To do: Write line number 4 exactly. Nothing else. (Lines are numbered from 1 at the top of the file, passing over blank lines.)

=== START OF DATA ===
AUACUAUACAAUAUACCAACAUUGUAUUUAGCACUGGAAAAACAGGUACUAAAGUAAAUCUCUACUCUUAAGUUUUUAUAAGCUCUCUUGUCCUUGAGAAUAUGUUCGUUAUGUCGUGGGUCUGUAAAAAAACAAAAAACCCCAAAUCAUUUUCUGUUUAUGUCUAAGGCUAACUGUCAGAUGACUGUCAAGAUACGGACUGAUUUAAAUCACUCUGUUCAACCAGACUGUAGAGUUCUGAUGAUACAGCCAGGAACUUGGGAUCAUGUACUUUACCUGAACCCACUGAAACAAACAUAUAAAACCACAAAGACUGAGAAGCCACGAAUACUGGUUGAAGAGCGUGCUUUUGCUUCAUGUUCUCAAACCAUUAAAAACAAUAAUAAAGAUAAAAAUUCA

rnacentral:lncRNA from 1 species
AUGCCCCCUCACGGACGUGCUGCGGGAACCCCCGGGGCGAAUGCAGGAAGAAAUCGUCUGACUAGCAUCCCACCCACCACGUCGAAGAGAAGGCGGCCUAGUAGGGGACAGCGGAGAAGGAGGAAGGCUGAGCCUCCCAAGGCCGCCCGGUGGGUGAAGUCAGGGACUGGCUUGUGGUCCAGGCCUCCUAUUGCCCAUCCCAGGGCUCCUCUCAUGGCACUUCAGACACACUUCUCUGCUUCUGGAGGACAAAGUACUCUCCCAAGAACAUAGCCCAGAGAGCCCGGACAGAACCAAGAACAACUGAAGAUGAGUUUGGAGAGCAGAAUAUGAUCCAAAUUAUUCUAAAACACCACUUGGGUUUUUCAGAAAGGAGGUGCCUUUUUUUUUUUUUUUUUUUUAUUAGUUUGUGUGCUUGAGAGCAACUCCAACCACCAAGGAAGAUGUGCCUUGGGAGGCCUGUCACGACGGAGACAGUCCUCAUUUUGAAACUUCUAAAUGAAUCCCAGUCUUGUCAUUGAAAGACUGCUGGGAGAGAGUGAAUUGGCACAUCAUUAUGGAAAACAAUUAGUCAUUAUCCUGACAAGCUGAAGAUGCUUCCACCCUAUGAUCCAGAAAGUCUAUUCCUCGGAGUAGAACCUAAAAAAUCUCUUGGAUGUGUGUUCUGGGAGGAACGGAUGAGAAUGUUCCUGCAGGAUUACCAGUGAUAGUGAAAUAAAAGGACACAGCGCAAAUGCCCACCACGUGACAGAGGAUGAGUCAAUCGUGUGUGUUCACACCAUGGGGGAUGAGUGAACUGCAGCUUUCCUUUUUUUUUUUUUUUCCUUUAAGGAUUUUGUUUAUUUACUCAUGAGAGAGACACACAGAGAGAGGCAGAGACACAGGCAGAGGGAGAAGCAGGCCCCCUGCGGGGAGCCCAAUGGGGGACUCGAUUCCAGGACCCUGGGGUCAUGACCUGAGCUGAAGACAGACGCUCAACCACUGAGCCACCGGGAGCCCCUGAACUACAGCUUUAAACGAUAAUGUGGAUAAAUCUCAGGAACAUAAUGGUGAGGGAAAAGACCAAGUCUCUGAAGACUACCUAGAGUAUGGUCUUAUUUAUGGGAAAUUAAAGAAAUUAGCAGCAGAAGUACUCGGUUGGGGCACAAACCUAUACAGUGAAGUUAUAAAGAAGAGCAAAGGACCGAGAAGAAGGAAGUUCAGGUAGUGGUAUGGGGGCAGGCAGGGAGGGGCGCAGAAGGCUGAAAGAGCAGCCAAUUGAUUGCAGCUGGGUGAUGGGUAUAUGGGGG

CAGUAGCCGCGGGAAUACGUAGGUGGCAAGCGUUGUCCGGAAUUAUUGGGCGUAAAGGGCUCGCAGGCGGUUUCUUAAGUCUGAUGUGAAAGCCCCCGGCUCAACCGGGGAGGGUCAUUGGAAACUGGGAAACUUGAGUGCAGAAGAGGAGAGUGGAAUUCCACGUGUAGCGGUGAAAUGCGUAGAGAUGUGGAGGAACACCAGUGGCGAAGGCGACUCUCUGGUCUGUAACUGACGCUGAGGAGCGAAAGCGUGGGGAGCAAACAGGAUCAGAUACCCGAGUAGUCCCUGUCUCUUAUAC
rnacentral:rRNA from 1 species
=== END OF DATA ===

CAGUAGCCGCGGGAAUACGUAGGUGGCAAGCGUUGUCCGGAAUUAUUGGGCGUAAAGGGCUCGCAGGCGGUUUCUUAAGUCUGAUGUGAAAGCCCCCGGCUCAACCGGGGAGGGUCAUUGGAAACUGGGAAACUUGAGUGCAGAAGAGGAGAGUGGAAUUCCACGUGUAGCGGUGAAAUGCGUAGAGAUGUGGAGGAACACCAGUGGCGAAGGCGACUCUCUGGUCUGUAACUGACGCUGAGGAGCGAAAGCGUGGGGAGCAAACAGGAUCAGAUACCCGAGUAGUCCCUGUCUCUUAUAC